Taweep Choomchoy
A Personal Hero and Thai Friend
by Jim Traywick 
In revisiting writings of my days and events of Takhli, I believe I failed miserably in presenting a most important facet.  The people and friendship aspects of my year at Takhli have not been offered.  All too often I find the discussions of Thailand veterans wrapped in the trappings of night-life, borderline fantasy and the all too powerful work that we did to support the Vietnam war effort.  We're sometimes much too clearly fixed on those events and do not spend enough time talking about the people of Thailand we knew.  I'm no angel in paradise - I did my share of running the bars and did my job on the flightline!  However, there was someone in my first year in Thailand who insisted that I see and get to know THAILAND!  The real Thailand, and long ago he taught me that it was and is indeed AMAZING THAILAND!  Something he was teaching years before it became such a popular contemporary promotional slogan.

Arriving in Thailand in 1969, I was like most every other single, red-blooded American male of the times.  I had a fiancée at home and she was the light of my life.  I was convinced there was nothing in Thailand which could ever interest me.  Not the country, people or history.  All I wanted to do was serve my 365 days and go home to the land of the big BX!  Little did I know what life had in store for me beyond that first introduction to Thailand in the Asoke Building where we processed into country.  After being taken from the commercial contract carrier at Don Muang and bussed across what appeared to be a vast city, we were given a very cold scented towel to clean the perspiration from our faces and a cold eight-ounce bottle of Coke as we entered the building.  We were subjected to the cultural briefings, and given flight information to our bases up country. We were shoved into a bus and summarily dumped out down town at the Vienthai Hotel, a roach infested hovel with brown water and four guys to a room.  I never slept in that place!  And I heard that it burned down some years later. After a fantastic first night in Bangkok, which could in itself be an entire story, I managed to make my way back to Don Muang with my duffel bag for the C-130 flight to Takhli.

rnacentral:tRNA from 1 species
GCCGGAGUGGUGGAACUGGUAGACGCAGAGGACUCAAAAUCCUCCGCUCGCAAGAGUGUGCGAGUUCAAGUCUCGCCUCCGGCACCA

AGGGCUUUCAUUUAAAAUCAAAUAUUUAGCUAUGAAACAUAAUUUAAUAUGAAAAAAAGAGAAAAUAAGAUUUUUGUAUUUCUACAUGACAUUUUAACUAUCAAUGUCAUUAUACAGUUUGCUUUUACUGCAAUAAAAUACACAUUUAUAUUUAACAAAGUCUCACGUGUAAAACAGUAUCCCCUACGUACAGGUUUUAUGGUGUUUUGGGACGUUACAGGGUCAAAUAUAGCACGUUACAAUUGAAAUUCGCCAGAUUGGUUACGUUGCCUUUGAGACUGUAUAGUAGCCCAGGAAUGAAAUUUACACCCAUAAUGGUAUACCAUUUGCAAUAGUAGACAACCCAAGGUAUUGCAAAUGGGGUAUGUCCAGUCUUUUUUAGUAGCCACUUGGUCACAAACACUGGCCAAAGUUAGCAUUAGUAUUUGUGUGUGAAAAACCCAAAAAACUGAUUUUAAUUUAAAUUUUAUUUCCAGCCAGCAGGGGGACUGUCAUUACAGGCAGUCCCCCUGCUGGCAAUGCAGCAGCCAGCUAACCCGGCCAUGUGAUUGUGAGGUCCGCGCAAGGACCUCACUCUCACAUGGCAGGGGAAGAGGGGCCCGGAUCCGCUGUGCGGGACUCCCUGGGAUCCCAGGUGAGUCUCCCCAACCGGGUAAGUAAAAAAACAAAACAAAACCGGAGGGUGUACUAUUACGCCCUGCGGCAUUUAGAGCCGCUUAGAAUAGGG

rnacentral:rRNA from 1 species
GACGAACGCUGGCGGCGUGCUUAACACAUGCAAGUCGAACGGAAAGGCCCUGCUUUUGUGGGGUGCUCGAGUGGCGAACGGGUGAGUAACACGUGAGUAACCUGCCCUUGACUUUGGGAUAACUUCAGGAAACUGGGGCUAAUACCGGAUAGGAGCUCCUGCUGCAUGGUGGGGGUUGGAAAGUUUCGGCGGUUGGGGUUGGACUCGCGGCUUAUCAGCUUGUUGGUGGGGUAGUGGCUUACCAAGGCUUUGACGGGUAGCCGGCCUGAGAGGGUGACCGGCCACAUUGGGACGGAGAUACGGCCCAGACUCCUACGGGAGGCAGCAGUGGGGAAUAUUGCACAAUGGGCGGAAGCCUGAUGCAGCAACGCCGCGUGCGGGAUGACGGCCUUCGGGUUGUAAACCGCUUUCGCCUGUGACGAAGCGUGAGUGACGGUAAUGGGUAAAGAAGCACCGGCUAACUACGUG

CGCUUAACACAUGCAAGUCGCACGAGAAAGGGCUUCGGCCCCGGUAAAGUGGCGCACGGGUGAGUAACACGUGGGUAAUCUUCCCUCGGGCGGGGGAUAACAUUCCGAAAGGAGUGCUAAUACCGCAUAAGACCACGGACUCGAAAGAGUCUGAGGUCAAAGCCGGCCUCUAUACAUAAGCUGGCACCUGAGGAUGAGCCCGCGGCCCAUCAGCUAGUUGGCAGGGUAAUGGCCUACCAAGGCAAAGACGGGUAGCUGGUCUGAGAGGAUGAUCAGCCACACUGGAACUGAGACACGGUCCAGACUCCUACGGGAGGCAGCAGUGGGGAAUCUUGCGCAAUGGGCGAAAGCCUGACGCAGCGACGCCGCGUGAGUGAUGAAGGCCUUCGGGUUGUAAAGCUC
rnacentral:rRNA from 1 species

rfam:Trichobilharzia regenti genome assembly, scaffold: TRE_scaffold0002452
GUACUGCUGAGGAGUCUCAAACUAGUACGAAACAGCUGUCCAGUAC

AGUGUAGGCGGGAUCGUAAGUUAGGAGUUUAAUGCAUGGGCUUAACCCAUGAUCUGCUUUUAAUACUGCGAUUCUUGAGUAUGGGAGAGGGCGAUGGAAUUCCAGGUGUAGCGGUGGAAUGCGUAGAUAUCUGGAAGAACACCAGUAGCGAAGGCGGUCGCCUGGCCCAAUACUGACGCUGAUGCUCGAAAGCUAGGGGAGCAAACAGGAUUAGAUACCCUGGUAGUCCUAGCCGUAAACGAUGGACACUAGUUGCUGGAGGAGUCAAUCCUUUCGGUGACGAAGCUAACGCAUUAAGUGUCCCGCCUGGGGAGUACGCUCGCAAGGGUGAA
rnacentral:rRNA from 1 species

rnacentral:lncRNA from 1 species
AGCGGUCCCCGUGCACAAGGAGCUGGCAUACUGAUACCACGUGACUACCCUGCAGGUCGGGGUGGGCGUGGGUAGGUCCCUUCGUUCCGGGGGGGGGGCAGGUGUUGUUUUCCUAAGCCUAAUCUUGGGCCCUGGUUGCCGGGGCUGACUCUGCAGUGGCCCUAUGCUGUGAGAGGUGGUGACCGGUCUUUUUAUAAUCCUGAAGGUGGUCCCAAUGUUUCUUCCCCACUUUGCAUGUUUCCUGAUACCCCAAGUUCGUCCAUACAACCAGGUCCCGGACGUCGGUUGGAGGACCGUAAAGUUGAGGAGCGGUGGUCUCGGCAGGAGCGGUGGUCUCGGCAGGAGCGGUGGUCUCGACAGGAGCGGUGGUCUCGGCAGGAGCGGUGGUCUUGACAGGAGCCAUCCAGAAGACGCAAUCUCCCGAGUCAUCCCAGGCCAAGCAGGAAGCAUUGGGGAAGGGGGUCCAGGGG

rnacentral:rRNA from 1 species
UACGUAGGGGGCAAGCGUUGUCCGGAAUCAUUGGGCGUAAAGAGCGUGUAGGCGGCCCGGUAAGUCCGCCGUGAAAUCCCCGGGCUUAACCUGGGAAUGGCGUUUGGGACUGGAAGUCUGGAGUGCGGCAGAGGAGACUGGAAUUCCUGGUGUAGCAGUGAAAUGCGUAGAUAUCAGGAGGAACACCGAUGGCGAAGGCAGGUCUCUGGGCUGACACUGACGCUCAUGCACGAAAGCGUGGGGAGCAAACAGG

It was a most uneventful flight to Takhli and blistering hot bus ride to the CBPO where we were processed and then turned over to the squadrons.  My luck of the draw was the 333rd TFS - the Lancers!  I had spotted the red and white color scheme of the buildings, saw the ramp rats from the bus and liked what I had seen.  I was finally collected by a two striper, who drove me to the orderly room and processed me again.  I was then taken to the barracks.  He showed me my bunk, and told me who the guys were in the area.  Two of the names near my bunk seemed very familiar.  But they weren't present naturally because they were probably two of the shirtless tanned bodies I had seen slaving on the ramp of Takhli in the withering heat of midday.  Several night shift personnel in the far bay were stirring, but few people other than the house boys were in evidence.

As the day wore on a flighline truck arrived and a young Buck Sergeant showed up to take me to the "office."  This tropical inferno looked like forty square miles of flat concrete and steel walls, populated with the most massive fighter aircraft of it's time.  The F-105 Thunderchief.  This enormous military industrial complex of war was to be my home for a long time and I was overwhelmed with the sheer tempo of the activities I could see there.

As it turned out there were indeed two old friends from basic training and technical school already there.  They had engineered my bunk assignment as soon as they heard my name mentioned by the Buck Sergeant who had picked me up. As we talked and renewed old friendships they were most animated in their description and genuine appreciation for someone they called Taweep.  An evening was planned out on the town, but I begged off for jet lag.  I promised to do it later and they understood.

Within a few days the downtown green-bean tour was conducted and I was "victimized" appropriately by my old friends.  Along with us was Taweep.  A rather distinguished looking Thai man, who was as it turned out a Master Sergeant in the Royal Thai Air Force.  He like so many other senior Thai NCO's moonlighted as taxi drivers in the evening to make money to supplement their meager salaries.  All evening Taweep was with us and watched carefully as we had our good time, and tried to drink our way to the very bottom of the Boonrawd Brewery.  While we were convinced it could be done, Taweep always knew better and was the adult supervision as I later learned who kept us out of trouble most often.  I genuinely liked this very quiet dignified man with the low chuckle and knowing smile and immediately formed a great deal of respect for him.  Yes, he took us to the bars as we asked him to do.  That was his job so that he could make a little extra money.  While he did that he also offered much more.

Not so many weeks after my arrival to Thailand Taweep asked me and another airman to visit Ayutthya.  I had no idea what the place was or any history of it, but the other airman was a little more familiar with the country and recommended that we take Taweep up on his offer.  Best advice I have ever been given!

On the Saturday we traveled Taweep was very talkative and tried very hard in his limited English for such subjects to tell us the history of the former capital of Siam which was burned in 1763 or so by invading Burmese.  I was minimally interested and just glad to be getting away from the base for a while.  So I listened and enjoyed the ride.